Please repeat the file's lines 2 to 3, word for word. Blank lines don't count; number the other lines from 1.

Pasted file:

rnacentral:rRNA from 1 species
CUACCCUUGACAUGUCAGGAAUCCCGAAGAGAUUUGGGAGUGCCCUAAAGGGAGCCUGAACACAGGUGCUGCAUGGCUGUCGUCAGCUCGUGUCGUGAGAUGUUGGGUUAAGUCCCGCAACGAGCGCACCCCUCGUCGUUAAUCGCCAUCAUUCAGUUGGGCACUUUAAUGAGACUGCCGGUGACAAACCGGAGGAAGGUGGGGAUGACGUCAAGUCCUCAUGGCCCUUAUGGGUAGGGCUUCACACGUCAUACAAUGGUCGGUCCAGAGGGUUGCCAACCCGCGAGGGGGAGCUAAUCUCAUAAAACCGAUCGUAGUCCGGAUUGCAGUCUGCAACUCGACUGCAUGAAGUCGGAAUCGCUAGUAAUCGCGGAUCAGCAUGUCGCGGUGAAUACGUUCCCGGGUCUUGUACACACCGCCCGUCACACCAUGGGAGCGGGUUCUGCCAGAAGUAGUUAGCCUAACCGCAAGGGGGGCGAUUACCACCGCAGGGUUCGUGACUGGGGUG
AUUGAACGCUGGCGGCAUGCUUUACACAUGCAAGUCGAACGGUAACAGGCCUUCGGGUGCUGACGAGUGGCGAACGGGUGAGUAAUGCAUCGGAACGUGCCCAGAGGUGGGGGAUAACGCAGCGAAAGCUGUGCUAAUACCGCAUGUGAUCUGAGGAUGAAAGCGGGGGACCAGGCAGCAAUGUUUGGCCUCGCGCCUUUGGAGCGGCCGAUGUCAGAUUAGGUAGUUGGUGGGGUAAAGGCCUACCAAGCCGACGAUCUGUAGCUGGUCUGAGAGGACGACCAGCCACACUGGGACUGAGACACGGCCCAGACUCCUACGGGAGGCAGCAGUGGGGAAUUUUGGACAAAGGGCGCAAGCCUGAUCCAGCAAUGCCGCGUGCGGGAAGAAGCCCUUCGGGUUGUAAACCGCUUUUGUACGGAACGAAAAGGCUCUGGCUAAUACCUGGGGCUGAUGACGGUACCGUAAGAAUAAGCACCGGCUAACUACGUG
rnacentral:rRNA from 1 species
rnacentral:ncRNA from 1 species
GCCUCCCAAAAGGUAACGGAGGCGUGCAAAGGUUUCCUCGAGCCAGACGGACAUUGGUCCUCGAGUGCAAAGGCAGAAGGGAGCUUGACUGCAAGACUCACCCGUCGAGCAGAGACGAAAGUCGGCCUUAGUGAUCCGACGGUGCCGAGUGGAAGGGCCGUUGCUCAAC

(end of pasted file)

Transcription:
CUACCCUUGACAUGUCAGGAAUCCCGAAGAGAUUUGGGAGUGCCCUAAAGGGAGCCUGAACACAGGUGCUGCAUGGCUGUCGUCAGCUCGUGUCGUGAGAUGUUGGGUUAAGUCCCGCAACGAGCGCACCCCUCGUCGUUAAUCGCCAUCAUUCAGUUGGGCACUUUAAUGAGACUGCCGGUGACAAACCGGAGGAAGGUGGGGAUGACGUCAAGUCCUCAUGGCCCUUAUGGGUAGGGCUUCACACGUCAUACAAUGGUCGGUCCAGAGGGUUGCCAACCCGCGAGGGGGAGCUAAUCUCAUAAAACCGAUCGUAGUCCGGAUUGCAGUCUGCAACUCGACUGCAUGAAGUCGGAAUCGCUAGUAAUCGCGGAUCAGCAUGUCGCGGUGAAUACGUUCCCGGGUCUUGUACACACCGCCCGUCACACCAUGGGAGCGGGUUCUGCCAGAAGUAGUUAGCCUAACCGCAAGGGGGGCGAUUACCACCGCAGGGUUCGUGACUGGGGUG
AUUGAACGCUGGCGGCAUGCUUUACACAUGCAAGUCGAACGGUAACAGGCCUUCGGGUGCUGACGAGUGGCGAACGGGUGAGUAAUGCAUCGGAACGUGCCCAGAGGUGGGGGAUAACGCAGCGAAAGCUGUGCUAAUACCGCAUGUGAUCUGAGGAUGAAAGCGGGGGACCAGGCAGCAAUGUUUGGCCUCGCGCCUUUGGAGCGGCCGAUGUCAGAUUAGGUAGUUGGUGGGGUAAAGGCCUACCAAGCCGACGAUCUGUAGCUGGUCUGAGAGGACGACCAGCCACACUGGGACUGAGACACGGCCCAGACUCCUACGGGAGGCAGCAGUGGGGAAUUUUGGACAAAGGGCGCAAGCCUGAUCCAGCAAUGCCGCGUGCGGGAAGAAGCCCUUCGGGUUGUAAACCGCUUUUGUACGGAACGAAAAGGCUCUGGCUAAUACCUGGGGCUGAUGACGGUACCGUAAGAAUAAGCACCGGCUAACUACGUG